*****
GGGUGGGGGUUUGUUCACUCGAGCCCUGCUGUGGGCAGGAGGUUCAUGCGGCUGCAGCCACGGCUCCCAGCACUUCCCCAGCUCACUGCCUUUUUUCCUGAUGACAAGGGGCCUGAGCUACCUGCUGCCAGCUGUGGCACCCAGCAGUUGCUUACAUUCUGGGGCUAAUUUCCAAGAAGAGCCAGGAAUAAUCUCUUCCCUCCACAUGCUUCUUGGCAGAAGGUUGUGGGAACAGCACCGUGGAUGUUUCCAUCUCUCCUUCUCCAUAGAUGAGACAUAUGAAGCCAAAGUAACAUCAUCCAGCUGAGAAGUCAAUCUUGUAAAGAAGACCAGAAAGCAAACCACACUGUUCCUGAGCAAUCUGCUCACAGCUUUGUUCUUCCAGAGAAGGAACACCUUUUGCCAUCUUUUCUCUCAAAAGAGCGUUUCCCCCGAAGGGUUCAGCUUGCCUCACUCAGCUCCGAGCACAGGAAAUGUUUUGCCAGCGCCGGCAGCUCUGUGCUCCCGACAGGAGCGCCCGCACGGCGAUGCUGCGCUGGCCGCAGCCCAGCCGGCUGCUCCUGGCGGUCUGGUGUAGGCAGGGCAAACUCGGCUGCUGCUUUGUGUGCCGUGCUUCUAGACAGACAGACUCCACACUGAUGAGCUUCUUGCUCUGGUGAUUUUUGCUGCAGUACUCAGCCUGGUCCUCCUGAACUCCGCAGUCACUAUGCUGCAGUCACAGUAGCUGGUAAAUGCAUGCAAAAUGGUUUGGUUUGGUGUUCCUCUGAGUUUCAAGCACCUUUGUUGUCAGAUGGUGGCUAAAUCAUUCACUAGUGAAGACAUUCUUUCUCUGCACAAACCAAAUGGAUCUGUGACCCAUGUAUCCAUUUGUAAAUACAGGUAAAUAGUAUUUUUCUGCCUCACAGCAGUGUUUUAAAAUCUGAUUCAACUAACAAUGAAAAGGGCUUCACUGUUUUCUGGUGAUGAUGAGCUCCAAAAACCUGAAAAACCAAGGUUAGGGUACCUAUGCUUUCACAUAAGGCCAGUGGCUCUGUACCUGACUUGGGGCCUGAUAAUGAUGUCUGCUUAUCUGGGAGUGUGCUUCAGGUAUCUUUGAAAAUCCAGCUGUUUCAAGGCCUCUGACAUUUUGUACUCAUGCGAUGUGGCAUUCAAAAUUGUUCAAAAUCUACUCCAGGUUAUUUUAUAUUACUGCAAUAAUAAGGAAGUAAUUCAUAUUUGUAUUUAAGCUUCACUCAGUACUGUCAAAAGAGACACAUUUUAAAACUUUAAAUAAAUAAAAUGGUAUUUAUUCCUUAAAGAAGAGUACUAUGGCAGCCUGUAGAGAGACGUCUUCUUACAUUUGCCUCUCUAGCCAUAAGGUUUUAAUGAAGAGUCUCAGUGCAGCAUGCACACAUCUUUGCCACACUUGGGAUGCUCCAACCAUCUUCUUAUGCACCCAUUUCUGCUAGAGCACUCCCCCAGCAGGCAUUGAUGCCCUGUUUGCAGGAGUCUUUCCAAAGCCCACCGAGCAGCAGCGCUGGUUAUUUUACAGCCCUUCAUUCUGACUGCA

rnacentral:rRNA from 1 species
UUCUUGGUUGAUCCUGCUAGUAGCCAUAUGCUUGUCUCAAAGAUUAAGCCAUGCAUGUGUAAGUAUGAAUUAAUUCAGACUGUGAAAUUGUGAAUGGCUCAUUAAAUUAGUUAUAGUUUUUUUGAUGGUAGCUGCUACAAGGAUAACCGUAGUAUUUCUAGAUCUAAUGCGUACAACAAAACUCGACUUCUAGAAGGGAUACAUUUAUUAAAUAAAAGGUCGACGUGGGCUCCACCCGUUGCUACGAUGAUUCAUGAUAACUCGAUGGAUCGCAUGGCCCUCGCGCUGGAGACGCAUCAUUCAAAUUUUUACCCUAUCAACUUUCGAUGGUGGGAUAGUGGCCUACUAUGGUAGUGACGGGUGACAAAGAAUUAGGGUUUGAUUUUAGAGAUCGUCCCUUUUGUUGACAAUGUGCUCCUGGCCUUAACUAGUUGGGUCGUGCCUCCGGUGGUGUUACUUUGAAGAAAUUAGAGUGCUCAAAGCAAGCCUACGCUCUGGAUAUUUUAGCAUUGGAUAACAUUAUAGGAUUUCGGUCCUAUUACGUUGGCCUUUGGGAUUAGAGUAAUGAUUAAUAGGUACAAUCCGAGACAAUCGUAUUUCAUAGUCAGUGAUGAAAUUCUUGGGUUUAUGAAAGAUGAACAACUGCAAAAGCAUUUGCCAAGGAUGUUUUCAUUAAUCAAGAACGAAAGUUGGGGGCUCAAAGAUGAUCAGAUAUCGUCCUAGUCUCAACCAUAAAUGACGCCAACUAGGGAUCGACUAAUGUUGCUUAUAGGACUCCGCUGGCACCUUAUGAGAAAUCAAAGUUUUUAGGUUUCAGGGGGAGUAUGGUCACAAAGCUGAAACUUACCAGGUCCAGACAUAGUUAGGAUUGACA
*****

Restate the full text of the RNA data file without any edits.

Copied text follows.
GGGUGGGGGUUUGUUCACUCGAGCCCUGCUGUGGGCAGGAGGUUCAUGCGGCUGCAGCCACGGCUCCCAGCACUUCCCCAGCUCACUGCCUUUUUUCCUGAUGACAAGGGGCCUGAGCUACCUGCUGCCAGCUGUGGCACCCAGCAGUUGCUUACAUUCUGGGGCUAAUUUCCAAGAAGAGCCAGGAAUAAUCUCUUCCCUCCACAUGCUUCUUGGCAGAAGGUUGUGGGAACAGCACCGUGGAUGUUUCCAUCUCUCCUUCUCCAUAGAUGAGACAUAUGAAGCCAAAGUAACAUCAUCCAGCUGAGAAGUCAAUCUUGUAAAGAAGACCAGAAAGCAAACCACACUGUUCCUGAGCAAUCUGCUCACAGCUUUGUUCUUCCAGAGAAGGAACACCUUUUGCCAUCUUUUCUCUCAAAAGAGCGUUUCCCCCGAAGGGUUCAGCUUGCCUCACUCAGCUCCGAGCACAGGAAAUGUUUUGCCAGCGCCGGCAGCUCUGUGCUCCCGACAGGAGCGCCCGCACGGCGAUGCUGCGCUGGCCGCAGCCCAGCCGGCUGCUCCUGGCGGUCUGGUGUAGGCAGGGCAAACUCGGCUGCUGCUUUGUGUGCCGUGCUUCUAGACAGACAGACUCCACACUGAUGAGCUUCUUGCUCUGGUGAUUUUUGCUGCAGUACUCAGCCUGGUCCUCCUGAACUCCGCAGUCACUAUGCUGCAGUCACAGUAGCUGGUAAAUGCAUGCAAAAUGGUUUGGUUUGGUGUUCCUCUGAGUUUCAAGCACCUUUGUUGUCAGAUGGUGGCUAAAUCAUUCACUAGUGAAGACAUUCUUUCUCUGCACAAACCAAAUGGAUCUGUGACCCAUGUAUCCAUUUGUAAAUACAGGUAAAUAGUAUUUUUCUGCCUCACAGCAGUGUUUUAAAAUCUGAUUCAACUAACAAUGAAAAGGGCUUCACUGUUUUCUGGUGAUGAUGAGCUCCAAAAACCUGAAAAACCAAGGUUAGGGUACCUAUGCUUUCACAUAAGGCCAGUGGCUCUGUACCUGACUUGGGGCCUGAUAAUGAUGUCUGCUUAUCUGGGAGUGUGCUUCAGGUAUCUUUGAAAAUCCAGCUGUUUCAAGGCCUCUGACAUUUUGUACUCAUGCGAUGUGGCAUUCAAAAUUGUUCAAAAUCUACUCCAGGUUAUUUUAUAUUACUGCAAUAAUAAGGAAGUAAUUCAUAUUUGUAUUUAAGCUUCACUCAGUACUGUCAAAAGAGACACAUUUUAAAACUUUAAAUAAAUAAAAUGGUAUUUAUUCCUUAAAGAAGAGUACUAUGGCAGCCUGUAGAGAGACGUCUUCUUACAUUUGCCUCUCUAGCCAUAAGGUUUUAAUGAAGAGUCUCAGUGCAGCAUGCACACAUCUUUGCCACACUUGGGAUGCUCCAACCAUCUUCUUAUGCACCCAUUUCUGCUAGAGCACUCCCCCAGCAGGCAUUGAUGCCCUGUUUGCAGGAGUCUUUCCAAAGCCCACCGAGCAGCAGCGCUGGUUAUUUUACAGCCCUUCAUUCUGACUGCA

rnacentral:rRNA from 1 species
UUCUUGGUUGAUCCUGCUAGUAGCCAUAUGCUUGUCUCAAAGAUUAAGCCAUGCAUGUGUAAGUAUGAAUUAAUUCAGACUGUGAAAUUGUGAAUGGCUCAUUAAAUUAGUUAUAGUUUUUUUGAUGGUAGCUGCUACAAGGAUAACCGUAGUAUUUCUAGAUCUAAUGCGUACAACAAAACUCGACUUCUAGAAGGGAUACAUUUAUUAAAUAAAAGGUCGACGUGGGCUCCACCCGUUGCUACGAUGAUUCAUGAUAACUCGAUGGAUCGCAUGGCCCUCGCGCUGGAGACGCAUCAUUCAAAUUUUUACCCUAUCAACUUUCGAUGGUGGGAUAGUGGCCUACUAUGGUAGUGACGGGUGACAAAGAAUUAGGGUUUGAUUUUAGAGAUCGUCCCUUUUGUUGACAAUGUGCUCCUGGCCUUAACUAGUUGGGUCGUGCCUCCGGUGGUGUUACUUUGAAGAAAUUAGAGUGCUCAAAGCAAGCCUACGCUCUGGAUAUUUUAGCAUUGGAUAACAUUAUAGGAUUUCGGUCCUAUUACGUUGGCCUUUGGGAUUAGAGUAAUGAUUAAUAGGUACAAUCCGAGACAAUCGUAUUUCAUAGUCAGUGAUGAAAUUCUUGGGUUUAUGAAAGAUGAACAACUGCAAAAGCAUUUGCCAAGGAUGUUUUCAUUAAUCAAGAACGAAAGUUGGGGGCUCAAAGAUGAUCAGAUAUCGUCCUAGUCUCAACCAUAAAUGACGCCAACUAGGGAUCGACUAAUGUUGCUUAUAGGACUCCGCUGGCACCUUAUGAGAAAUCAAAGUUUUUAGGUUUCAGGGGGAGUAUGGUCACAAAGCUGAAACUUACCAGGUCCAGACAUAGUUAGGAUUGACA